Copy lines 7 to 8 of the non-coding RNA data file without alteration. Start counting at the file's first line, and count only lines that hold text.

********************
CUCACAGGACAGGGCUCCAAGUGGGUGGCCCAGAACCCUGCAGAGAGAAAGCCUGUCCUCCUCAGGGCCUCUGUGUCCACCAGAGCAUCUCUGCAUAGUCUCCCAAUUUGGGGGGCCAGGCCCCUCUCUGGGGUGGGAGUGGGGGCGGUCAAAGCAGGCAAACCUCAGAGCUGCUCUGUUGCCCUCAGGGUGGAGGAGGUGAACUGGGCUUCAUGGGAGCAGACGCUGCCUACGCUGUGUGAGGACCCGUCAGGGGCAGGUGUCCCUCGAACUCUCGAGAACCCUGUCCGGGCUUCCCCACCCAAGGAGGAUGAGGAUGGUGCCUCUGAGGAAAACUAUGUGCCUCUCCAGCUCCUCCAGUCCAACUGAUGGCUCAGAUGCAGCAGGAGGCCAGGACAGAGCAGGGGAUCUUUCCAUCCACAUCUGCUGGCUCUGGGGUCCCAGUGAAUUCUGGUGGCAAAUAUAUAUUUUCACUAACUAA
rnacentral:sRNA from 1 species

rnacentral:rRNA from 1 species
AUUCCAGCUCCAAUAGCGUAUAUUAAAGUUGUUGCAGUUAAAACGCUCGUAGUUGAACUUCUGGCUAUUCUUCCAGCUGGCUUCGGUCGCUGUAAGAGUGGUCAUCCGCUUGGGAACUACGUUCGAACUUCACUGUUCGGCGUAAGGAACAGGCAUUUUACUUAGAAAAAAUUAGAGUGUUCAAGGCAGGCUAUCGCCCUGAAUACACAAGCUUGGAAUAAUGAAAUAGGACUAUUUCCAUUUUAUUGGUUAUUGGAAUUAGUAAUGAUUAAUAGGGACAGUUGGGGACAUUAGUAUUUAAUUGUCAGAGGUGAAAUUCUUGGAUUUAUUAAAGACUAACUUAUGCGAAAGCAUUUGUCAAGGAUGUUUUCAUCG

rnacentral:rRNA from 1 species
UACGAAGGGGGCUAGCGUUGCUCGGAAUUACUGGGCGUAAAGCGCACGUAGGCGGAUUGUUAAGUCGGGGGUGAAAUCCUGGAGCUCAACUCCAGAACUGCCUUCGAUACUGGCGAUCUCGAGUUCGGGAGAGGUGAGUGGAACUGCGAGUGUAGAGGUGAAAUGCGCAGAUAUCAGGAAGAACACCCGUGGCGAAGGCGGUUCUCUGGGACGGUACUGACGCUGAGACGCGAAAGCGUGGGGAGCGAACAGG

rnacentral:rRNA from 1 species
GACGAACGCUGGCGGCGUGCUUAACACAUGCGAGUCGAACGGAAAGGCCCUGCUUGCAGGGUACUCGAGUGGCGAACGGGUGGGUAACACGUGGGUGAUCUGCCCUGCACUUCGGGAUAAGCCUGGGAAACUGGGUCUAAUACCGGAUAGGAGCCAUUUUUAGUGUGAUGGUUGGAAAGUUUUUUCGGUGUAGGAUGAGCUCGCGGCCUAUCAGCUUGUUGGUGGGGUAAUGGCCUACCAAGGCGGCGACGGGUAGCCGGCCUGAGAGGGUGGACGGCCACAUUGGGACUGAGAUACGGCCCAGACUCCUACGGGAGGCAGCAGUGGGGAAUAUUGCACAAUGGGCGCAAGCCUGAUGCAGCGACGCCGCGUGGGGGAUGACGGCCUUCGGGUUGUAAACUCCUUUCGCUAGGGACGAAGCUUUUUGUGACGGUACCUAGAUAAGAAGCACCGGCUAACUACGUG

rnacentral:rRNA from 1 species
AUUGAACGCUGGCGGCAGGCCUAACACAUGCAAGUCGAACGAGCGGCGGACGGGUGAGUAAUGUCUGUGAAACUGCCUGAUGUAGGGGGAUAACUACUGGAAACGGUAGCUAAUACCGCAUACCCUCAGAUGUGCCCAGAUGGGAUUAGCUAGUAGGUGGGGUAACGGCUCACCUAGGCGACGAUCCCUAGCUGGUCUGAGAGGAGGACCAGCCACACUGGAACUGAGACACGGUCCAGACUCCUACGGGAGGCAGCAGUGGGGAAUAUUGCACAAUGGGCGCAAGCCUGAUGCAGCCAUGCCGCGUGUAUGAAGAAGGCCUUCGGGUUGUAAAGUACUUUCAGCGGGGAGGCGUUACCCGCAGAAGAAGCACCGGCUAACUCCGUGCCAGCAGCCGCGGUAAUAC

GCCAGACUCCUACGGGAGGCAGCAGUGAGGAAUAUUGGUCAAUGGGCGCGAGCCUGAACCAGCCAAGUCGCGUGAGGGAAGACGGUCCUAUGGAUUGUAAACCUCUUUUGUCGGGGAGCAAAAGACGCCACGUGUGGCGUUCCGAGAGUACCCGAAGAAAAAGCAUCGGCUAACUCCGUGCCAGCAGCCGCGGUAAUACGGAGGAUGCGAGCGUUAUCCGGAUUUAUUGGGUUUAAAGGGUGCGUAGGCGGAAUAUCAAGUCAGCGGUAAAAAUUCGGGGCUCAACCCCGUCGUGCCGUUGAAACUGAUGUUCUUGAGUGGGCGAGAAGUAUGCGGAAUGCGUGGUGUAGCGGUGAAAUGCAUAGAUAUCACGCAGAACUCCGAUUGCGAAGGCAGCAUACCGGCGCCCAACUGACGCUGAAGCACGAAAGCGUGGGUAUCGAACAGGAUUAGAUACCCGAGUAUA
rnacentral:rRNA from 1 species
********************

rnacentral:rRNA from 1 species
GACGAACGCUGGCGGCGUGCUUAACACAUGCGAGUCGAACGGAAAGGCCCUGCUUGCAGGGUACUCGAGUGGCGAACGGGUGGGUAACACGUGGGUGAUCUGCCCUGCACUUCGGGAUAAGCCUGGGAAACUGGGUCUAAUACCGGAUAGGAGCCAUUUUUAGUGUGAUGGUUGGAAAGUUUUUUCGGUGUAGGAUGAGCUCGCGGCCUAUCAGCUUGUUGGUGGGGUAAUGGCCUACCAAGGCGGCGACGGGUAGCCGGCCUGAGAGGGUGGACGGCCACAUUGGGACUGAGAUACGGCCCAGACUCCUACGGGAGGCAGCAGUGGGGAAUAUUGCACAAUGGGCGCAAGCCUGAUGCAGCGACGCCGCGUGGGGGAUGACGGCCUUCGGGUUGUAAACUCCUUUCGCUAGGGACGAAGCUUUUUGUGACGGUACCUAGAUAAGAAGCACCGGCUAACUACGUG